Sudbury library's Repair Café builds community of fixers
Overwhelming response to Repair Café, says library staff member
How many of us are in the habit of simply throwing something out instead of fixing it?
The Mackenzie Street branch of the Greater Sudbury Public Library has a suggestion — check out the Repair Café, Saturday Dec. 7 at 10:30 a.m. It runs all day.
Brittany MacNamara is a community programmer with the Sudbury library. She says a Repair Café is a way to build a community of fixers.
"A lot of people don't fix their things because going out and buying the tools to fix things is where the cost kind of starts to come in and you're never going to use those tools again," said McNamara.
"But the Makerspace has a bunch of them that people can use for free," she added.
McNamara decided to have a special repair day each month at the library.
"We're doing stitching and crocheting and they are going to be finishing a little project that the Girl Guides started," said McNamara.
She hopes that those who turn up at the Repair Café will make a few small blankets that can be donated to NEO Kids, northeastern Ontario's hub for specialized children's care at Health Sciences North.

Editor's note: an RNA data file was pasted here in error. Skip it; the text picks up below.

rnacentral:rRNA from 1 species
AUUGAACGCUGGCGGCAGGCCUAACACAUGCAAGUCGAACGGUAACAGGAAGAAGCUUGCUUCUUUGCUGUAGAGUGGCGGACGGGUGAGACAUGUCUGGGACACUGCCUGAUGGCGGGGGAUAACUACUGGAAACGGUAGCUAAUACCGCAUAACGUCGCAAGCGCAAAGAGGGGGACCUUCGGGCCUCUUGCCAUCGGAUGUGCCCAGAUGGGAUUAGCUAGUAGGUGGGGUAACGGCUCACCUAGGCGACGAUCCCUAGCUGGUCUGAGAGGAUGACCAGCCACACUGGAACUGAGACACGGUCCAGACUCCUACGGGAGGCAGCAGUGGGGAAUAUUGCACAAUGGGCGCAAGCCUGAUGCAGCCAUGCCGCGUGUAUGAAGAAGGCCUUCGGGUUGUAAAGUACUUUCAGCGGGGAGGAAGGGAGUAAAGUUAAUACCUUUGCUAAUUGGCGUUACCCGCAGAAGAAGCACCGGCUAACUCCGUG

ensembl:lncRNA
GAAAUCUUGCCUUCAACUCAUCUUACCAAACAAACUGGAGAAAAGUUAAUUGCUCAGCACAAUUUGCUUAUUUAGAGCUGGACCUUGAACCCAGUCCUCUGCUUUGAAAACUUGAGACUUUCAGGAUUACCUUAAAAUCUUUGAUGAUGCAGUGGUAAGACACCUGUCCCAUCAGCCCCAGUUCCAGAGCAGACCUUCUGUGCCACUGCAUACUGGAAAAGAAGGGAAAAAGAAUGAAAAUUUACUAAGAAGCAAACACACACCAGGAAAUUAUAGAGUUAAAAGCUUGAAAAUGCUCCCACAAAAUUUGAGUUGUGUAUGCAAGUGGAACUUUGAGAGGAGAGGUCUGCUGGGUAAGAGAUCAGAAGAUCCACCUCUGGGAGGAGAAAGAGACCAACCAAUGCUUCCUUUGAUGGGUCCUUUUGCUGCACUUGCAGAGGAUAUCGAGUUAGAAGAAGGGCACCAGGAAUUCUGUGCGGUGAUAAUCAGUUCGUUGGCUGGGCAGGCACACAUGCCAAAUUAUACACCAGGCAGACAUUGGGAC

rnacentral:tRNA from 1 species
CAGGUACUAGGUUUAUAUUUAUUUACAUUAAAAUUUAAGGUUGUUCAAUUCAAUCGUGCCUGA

But anyone can come in with an item that needs mending, or if they're interested in trying knitting or crocheting for the first time.
"There's definitely people here that'll be able to teach new people how to do those things," said McNamara.
She says the community is lucky to have so many volunteers who are willing to pass along their skills to those who are want to learn.
"For example, we have a group from the South End library that gets together and does what they call a Sit and Stitch," said McNamara.
She's hoping to recruit others with different skills and talents that they want to share with others.
McNamara says the response so far to the Repair Café has been overwhelming.
She says the Facebook post was the "most liked, most shared, most viewed post in a really long time and a lot of people thought it was a really good idea."
McNamara says people have suggested that youngsters come in and help adults fix their technology at a Repair Café, and seniors are offering to volunteer their time and show what they're capable of.
With files from Martha Dillman